“Reciprocal IVF, also referred to as co-maternity, is a fertility treatment option for lesbian, or trans men— couples that allow both partners to be intimately involved in the child creation process,” according to CNY Fertility, a low cost fertility treatment provider. “Since it is not yet possible to create a child by combining two eggs, reciprocal IVF may just be the coolest way to make a baby.”

While reciprocal IVF is growing in popularity among lesbian couples, there are other paths to parenthood for LGBTQ+ parents-to-be. Michael Proppe, a principal with professional services firm PwC’s advisory practice, and his husband James Hall, took advantage of the fertility benefit offered by PwC and used a surrogate to have their now two-year-old daughter Emma. The couple plans to use the benefit again to have their second child. PwC works with WINFertility in order to provide employees with fertility treatments, education, and funding.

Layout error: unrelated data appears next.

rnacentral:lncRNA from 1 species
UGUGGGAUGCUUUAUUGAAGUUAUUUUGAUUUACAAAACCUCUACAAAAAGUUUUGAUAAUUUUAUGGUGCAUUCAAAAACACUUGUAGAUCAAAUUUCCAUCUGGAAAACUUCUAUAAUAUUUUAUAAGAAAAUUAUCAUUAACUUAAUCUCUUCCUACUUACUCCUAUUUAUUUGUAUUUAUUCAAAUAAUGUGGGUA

Proppe and his husband received $25,000 to offset the costs associated with family planning. Proppe was also able to take six weeks of extra leave, in addition to the eight weeks of paternity leave PwC already gives employees, since he is the primary caregiver for their daughter.

“We have a benefit where there was an additional time for bonding [with my] child, and I really appreciated that I was able to extend beyond the traditional parental leave given my primary caregiver status,” he says."


Like Progyny, WINFertility also offers nurse care managers and educational resources on parenting and fertility, a critical resource for Proppe and his husband, especially as they begin to plan for their second child.